Nepal eyes China for more FDI inflows

By Mahendra Subedi
0 Comment(s)Print E-mail, March 8, 2019
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Flags of China and Nepal [Photo/VCG]

With a new and stable government in place, Nepal is now promoting the slogan of "Prosperous Nepal, Happy Nepalis," promising a good pace of development and quality of life to its citizens. 

Achieving prosperity at the current rate of national development seems impossible, but Nepal is on track to achieve some key indicators fixed by the United Nations in its Sustainable Development Goals (SDG). 

In particular, it is working hard to ensure breakthroughs from the current development impasse by attracting foreign direct investment (FDI) in numerous sectors. 

Likewise, there is to be strong presence of Nepal's private sector in terms of investment, and the government for facilitation and coordination. Officials have classified some lucrative sectors for investors, namely hydropower, tourism, mining, education, health and telecommunications. 

To materialize this, it is organizing the Investment Summit-2019 on March 29-30 in Kathmandu.  

Nepal's Ambassador to China Leela Mani Paudyal said recently: "Nepal is an excellent destination and relatively a virgin land for investment with tremendous amount of untapped natural, cultural and human resources with very high percentage of a relatively young population. It has special strategic and locational advantages, and is close to two of the world's largest markets and fastest growing economies, China and India." 

Actually, Chinese investors have more leverage for investing in Nepal since the two countries have agreed to expand bilateral cooperation and develop connectivity infrastructures under the Trans-Himalayan Multi-Dimensional Connectivity Networks, and further bolster economic ties. 

In 2017, China was the largest source of FDI in Nepal and second largest trading partner and the second largest source country for tourism. 

With high hopes on China, the Nepal Investment Summit is expecting more support and a larger FDI inflow for socio-economic development from neighboring countries (China and India) and beyond. 

It is looking for Chinese investment not merely in the form of money but also in technology transfer and shared benefits, especially eyeing China's strong scientific, engineering and technological advances in recent years.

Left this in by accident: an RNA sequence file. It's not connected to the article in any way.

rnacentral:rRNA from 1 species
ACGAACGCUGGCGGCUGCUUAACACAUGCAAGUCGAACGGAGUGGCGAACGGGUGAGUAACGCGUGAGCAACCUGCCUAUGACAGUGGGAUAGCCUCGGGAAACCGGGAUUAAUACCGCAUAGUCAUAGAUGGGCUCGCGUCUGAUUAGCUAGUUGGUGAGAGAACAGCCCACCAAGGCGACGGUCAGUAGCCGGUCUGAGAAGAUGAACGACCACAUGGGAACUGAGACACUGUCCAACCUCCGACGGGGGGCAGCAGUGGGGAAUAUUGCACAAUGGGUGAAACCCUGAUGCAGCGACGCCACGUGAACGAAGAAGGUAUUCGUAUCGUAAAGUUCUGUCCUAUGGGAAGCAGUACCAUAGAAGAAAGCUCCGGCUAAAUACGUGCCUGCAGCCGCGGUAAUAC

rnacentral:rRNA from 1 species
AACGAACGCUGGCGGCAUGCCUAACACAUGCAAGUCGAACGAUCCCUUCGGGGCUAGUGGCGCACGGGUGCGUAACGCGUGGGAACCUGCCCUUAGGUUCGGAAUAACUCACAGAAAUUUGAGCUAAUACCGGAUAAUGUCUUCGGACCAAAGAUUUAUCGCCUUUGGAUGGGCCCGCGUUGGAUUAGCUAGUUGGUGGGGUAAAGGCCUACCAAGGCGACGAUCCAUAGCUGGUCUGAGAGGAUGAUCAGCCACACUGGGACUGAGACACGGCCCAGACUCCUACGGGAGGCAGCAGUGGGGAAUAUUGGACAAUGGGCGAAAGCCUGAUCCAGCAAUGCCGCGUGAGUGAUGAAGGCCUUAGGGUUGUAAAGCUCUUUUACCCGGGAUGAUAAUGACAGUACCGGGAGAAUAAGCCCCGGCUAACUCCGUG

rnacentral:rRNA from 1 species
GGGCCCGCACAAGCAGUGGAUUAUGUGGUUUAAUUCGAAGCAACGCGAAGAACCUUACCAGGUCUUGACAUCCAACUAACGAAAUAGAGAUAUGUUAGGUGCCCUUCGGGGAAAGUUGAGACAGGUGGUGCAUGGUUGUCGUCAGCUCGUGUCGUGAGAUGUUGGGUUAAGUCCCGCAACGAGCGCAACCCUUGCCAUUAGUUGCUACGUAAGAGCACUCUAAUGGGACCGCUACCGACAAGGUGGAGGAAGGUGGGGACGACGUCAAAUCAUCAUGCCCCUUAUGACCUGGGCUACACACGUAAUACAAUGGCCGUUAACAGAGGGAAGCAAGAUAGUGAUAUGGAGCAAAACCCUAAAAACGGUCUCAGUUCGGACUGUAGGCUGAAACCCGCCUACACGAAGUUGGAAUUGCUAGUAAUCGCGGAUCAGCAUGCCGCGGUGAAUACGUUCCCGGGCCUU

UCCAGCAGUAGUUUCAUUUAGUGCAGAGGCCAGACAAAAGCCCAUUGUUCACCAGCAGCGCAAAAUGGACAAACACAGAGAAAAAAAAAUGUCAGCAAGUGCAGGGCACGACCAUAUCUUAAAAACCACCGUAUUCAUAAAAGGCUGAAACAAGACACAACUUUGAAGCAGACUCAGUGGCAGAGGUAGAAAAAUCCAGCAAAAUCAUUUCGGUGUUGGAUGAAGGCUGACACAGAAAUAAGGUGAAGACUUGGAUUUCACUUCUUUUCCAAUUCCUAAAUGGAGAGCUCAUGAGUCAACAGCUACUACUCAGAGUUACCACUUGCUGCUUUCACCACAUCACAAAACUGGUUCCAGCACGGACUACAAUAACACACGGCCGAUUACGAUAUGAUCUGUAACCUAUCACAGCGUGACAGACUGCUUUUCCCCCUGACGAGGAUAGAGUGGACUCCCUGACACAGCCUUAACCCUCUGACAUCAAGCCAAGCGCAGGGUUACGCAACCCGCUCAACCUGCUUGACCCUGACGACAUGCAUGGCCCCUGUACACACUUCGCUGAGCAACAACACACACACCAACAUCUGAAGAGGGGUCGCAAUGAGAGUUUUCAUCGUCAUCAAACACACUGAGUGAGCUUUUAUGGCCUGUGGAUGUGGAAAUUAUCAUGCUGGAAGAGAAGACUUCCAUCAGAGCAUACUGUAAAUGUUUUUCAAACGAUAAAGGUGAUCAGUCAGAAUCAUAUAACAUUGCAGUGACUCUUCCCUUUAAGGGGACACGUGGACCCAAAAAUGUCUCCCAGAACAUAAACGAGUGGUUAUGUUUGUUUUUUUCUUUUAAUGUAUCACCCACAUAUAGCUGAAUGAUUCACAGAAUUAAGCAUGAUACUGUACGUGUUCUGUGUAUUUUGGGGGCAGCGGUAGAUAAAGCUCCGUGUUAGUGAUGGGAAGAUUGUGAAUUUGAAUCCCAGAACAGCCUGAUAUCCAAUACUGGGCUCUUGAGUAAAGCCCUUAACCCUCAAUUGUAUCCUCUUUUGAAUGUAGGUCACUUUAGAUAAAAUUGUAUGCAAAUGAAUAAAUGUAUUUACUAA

The outbound freight train from Lanzhou to Katmandu starts from Dongchuan Railway Logistics Center in Lanzhou international Harbor Area on May 11, 2016. [Photo/Xinhua]

Likewise, Nepal expects to enhance bilateral cooperation with China in connectivity, trade, tourism and other key areas through the implementation of the MoU on cooperation under the framework of the Belt and Road Initiative and other agreements. 

Since there is exponential growth in China's engagement in Nepal's trade, tourism, business, education, people to people exchange, such high expectations are rational and valid.

In the recent past, the investors showed a "lukewarm" response to Nepal's corporate governance, legal framework, profit repatriation, law and order situation, and some other indicators required for profits in a business. However, now a stable government with a two-thirds majority in place is amending policies to make them investment-friendly to create an environment conducive for business by assuring 100 percent guarantee for dividend repatriation. 

As part of the opening up process, the labor law has become more flexible and industrial security is convincing. Still to be tackled, however, is a dire need for physical infrastructure.

Prime Minister KP Sharma Oli and all the top brass of the ruling parties and the opposition leaders are united in sending out strong signals to potential investors and development partners that Nepal can move ahead together with its neighbors and other developed countries. 

This is more significant with China's top leaders repeatedly expressing their commitment to providing every possible support to help Nepal attain its goal of "Prosperous Nepal and Happy Nepalis" in the new climate of political stability in the country. 

So, this is the right time and Nepal is keen to strike while the iron is hot, persuading more Chinese business enterprises to establish their firms in Nepal to help it with job creation, import replacement and promoting exports. 

Mahendra Subedi is a social researcher and commentator from Nepal currently based in Beijing.

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